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⚡ June 21, 1999

The Mother of All-Nighters 👆

Some violets I drew for a poem in 1964.

Some violets I drew for a poem in 1964.

The longest day of the year. Still working.

Really. Nearly 14 hours of daylight, and I’m still not finished.

Once I figure out how to make a picture into a URL, I will make some of my images active, but for now I can’t stand the ugly garish box that springs up around them, wrecking my subtle but modest color schemes.

These frames remind me of all those lonely nights in 1994 when I’d see another boxed-in opportunity and I just had to click, and then it’s one midnight, and then another, and just let me see this next one before the modem ticks off and my eyes are bulging out from trying to see one more picture on one more web page, always looking, never satisfied, not even with a snapshot from a just-uncorked cave deep inside the Alsatian peat, a picture unseen by human eyes for all these centuries. Until now.

Ancient cave drawings found on the internet.

Ancient cave drawings found on the internet.

And now, here I am, and it’s still the middle of the night.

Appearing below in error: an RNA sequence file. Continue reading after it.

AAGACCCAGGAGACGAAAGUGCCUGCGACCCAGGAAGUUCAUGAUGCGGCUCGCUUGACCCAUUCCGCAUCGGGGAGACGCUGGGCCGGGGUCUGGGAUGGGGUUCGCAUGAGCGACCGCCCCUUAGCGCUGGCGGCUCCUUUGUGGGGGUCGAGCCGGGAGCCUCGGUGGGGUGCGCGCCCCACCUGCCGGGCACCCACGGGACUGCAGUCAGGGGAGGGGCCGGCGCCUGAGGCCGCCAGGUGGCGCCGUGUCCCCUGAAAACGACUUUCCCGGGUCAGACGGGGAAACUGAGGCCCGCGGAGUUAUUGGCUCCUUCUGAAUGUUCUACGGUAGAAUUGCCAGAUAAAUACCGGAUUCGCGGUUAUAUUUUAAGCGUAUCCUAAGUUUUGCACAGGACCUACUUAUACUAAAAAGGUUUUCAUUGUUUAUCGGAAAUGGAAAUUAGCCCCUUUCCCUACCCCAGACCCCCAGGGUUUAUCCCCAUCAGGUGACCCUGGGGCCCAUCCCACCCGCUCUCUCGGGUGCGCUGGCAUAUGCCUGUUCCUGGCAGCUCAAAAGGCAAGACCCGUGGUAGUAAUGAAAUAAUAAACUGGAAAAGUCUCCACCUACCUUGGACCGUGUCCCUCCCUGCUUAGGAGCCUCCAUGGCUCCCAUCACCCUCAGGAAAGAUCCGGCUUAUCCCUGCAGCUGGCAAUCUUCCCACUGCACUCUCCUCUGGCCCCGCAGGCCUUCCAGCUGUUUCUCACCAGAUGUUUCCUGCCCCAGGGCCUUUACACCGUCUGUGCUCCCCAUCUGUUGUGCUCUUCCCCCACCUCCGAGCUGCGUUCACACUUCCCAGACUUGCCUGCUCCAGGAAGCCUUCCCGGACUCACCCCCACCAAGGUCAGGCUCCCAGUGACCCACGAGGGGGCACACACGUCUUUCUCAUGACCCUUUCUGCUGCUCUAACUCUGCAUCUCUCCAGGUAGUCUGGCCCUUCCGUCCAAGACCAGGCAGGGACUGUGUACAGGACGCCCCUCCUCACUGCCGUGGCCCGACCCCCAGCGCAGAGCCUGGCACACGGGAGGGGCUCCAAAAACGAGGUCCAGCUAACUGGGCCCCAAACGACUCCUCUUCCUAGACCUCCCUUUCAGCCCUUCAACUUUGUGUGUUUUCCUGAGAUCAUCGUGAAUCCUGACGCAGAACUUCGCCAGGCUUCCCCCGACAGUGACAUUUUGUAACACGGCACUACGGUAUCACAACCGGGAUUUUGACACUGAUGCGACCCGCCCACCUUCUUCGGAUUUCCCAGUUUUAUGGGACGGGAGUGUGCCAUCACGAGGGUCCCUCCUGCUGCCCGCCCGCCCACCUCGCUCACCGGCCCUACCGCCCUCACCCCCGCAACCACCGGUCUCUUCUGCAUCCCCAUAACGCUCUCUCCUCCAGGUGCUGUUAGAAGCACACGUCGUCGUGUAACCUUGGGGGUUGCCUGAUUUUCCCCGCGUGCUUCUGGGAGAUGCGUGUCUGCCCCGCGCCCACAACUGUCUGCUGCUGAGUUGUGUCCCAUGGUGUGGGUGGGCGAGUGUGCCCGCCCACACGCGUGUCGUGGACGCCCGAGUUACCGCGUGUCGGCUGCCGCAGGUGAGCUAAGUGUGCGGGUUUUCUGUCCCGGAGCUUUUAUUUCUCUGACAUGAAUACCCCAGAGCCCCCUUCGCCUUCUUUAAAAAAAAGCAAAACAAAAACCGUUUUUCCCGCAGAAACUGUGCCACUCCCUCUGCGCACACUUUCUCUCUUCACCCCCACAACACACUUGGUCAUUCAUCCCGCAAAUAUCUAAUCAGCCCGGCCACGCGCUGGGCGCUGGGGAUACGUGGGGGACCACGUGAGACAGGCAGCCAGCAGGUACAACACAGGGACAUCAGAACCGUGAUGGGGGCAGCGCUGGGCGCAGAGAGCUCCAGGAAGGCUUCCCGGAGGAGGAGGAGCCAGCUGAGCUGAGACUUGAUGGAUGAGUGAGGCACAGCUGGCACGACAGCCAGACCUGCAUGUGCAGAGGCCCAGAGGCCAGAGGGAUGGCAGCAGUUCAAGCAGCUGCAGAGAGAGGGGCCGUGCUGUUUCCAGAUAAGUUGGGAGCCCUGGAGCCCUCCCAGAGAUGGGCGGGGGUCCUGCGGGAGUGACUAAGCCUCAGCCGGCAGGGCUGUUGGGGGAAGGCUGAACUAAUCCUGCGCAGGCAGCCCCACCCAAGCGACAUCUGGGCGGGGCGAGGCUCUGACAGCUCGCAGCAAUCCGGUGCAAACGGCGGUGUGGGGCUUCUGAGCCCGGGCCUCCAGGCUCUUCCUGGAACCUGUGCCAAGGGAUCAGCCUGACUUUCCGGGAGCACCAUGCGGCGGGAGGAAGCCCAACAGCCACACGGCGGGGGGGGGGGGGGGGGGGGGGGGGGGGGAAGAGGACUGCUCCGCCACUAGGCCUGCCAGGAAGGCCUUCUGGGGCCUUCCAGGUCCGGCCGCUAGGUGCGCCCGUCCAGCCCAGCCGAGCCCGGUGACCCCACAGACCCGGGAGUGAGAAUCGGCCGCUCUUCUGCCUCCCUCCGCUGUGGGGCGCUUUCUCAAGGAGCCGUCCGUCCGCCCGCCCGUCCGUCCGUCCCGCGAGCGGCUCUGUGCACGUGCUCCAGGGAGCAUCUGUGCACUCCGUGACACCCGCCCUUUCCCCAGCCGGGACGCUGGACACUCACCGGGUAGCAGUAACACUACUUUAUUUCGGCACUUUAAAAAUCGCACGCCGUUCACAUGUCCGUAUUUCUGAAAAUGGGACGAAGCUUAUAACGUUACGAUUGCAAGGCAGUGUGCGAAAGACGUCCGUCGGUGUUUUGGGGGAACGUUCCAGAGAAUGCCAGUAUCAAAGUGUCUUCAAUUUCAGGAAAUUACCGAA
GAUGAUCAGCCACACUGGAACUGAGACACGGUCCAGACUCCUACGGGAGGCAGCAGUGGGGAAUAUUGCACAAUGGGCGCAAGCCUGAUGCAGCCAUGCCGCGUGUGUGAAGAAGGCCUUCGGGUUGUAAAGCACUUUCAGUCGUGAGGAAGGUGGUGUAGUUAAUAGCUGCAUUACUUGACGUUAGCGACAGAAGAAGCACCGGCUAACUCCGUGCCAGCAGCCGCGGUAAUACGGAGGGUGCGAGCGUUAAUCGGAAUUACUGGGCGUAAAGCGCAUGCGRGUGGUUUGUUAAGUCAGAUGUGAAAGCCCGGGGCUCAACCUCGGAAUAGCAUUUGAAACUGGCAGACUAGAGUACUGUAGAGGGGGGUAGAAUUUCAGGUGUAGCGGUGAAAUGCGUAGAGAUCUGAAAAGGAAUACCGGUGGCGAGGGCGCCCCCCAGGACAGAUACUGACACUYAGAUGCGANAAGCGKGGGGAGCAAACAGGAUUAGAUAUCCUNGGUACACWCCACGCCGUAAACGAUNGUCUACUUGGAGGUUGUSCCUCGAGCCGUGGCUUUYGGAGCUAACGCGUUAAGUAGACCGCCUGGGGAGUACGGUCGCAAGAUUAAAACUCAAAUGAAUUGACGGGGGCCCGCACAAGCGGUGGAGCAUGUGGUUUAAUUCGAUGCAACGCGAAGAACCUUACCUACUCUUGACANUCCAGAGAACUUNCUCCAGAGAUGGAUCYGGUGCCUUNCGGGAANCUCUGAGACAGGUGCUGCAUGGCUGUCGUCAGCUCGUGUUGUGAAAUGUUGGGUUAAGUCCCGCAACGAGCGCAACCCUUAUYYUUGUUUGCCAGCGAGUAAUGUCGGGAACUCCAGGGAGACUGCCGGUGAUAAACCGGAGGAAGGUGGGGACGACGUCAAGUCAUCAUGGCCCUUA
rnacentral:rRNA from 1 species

And at the end of the day we’re all just cave artists … hunched over and tired and laboring in the darkness.

Who will understand the sacrifice?

Who will know the nuance?

Who will see the glory?

Oh, and remind me to show you the most incredible cave picture of all …

A screen grab of an unsettling Apple message.

... huh? A screen grab of an unsettling Apple message.

The alert box, above, really came up on my machine when I was first trying to get used to System 8-point-whatever. Even when the Mac is flakey, it’s fun.

There’s a little program called “Flash-It” that you can get from CNET and it will take a picture of whatever’s on the screen. But you’ve got to be alert. And fast.

Think about how your jaw would drop if you saw that message. And then you’d want to grab somebody – and shout: Lookit! Look at what the machine is telling me! But if you work “at home,” like me, there’s often nobody around.

Better still, if you don’t have Flash-It but you do have a newer-model Mac and most of your fingers, you need merely press a series of built-in keystrokes (hold down the shift and command keys while at the same time you reach up and press “3”), and you will get that nifty shutter click. Then you must go find where the machine has hidden the Pic on your hard drive. Whatta machine.

So you take a picture: it lasts longer. Just ask any cave man. 🐔